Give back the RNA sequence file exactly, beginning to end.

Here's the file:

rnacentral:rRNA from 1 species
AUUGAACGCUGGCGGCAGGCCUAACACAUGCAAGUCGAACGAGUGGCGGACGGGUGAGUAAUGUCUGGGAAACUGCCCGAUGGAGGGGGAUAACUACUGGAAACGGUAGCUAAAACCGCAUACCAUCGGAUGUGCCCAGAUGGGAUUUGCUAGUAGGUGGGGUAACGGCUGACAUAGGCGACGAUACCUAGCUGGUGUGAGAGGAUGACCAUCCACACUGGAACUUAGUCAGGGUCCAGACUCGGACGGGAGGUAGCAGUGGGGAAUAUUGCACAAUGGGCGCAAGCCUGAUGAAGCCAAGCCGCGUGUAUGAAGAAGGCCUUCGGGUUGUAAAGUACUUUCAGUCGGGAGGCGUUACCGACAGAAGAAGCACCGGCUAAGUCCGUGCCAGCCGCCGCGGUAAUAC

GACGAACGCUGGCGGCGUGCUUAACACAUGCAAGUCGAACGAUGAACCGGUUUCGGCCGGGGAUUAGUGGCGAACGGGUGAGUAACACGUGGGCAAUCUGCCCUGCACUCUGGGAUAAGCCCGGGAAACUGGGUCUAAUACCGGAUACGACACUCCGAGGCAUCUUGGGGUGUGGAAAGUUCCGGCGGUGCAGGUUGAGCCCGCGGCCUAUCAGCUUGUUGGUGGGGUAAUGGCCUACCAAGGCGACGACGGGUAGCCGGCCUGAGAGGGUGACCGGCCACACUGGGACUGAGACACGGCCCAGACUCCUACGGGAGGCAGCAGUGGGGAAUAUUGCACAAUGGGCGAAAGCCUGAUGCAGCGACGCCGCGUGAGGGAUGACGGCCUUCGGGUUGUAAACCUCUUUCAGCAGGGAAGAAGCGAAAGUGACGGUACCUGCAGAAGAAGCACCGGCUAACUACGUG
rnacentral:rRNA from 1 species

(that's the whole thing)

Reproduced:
rnacentral:rRNA from 1 species
AUUGAACGCUGGCGGCAGGCCUAACACAUGCAAGUCGAACGAGUGGCGGACGGGUGAGUAAUGUCUGGGAAACUGCCCGAUGGAGGGGGAUAACUACUGGAAACGGUAGCUAAAACCGCAUACCAUCGGAUGUGCCCAGAUGGGAUUUGCUAGUAGGUGGGGUAACGGCUGACAUAGGCGACGAUACCUAGCUGGUGUGAGAGGAUGACCAUCCACACUGGAACUUAGUCAGGGUCCAGACUCGGACGGGAGGUAGCAGUGGGGAAUAUUGCACAAUGGGCGCAAGCCUGAUGAAGCCAAGCCGCGUGUAUGAAGAAGGCCUUCGGGUUGUAAAGUACUUUCAGUCGGGAGGCGUUACCGACAGAAGAAGCACCGGCUAAGUCCGUGCCAGCCGCCGCGGUAAUAC

GACGAACGCUGGCGGCGUGCUUAACACAUGCAAGUCGAACGAUGAACCGGUUUCGGCCGGGGAUUAGUGGCGAACGGGUGAGUAACACGUGGGCAAUCUGCCCUGCACUCUGGGAUAAGCCCGGGAAACUGGGUCUAAUACCGGAUACGACACUCCGAGGCAUCUUGGGGUGUGGAAAGUUCCGGCGGUGCAGGUUGAGCCCGCGGCCUAUCAGCUUGUUGGUGGGGUAAUGGCCUACCAAGGCGACGACGGGUAGCCGGCCUGAGAGGGUGACCGGCCACACUGGGACUGAGACACGGCCCAGACUCCUACGGGAGGCAGCAGUGGGGAAUAUUGCACAAUGGGCGAAAGCCUGAUGCAGCGACGCCGCGUGAGGGAUGACGGCCUUCGGGUUGUAAACCUCUUUCAGCAGGGAAGAAGCGAAAGUGACGGUACCUGCAGAAGAAGCACCGGCUAACUACGUG
rnacentral:rRNA from 1 species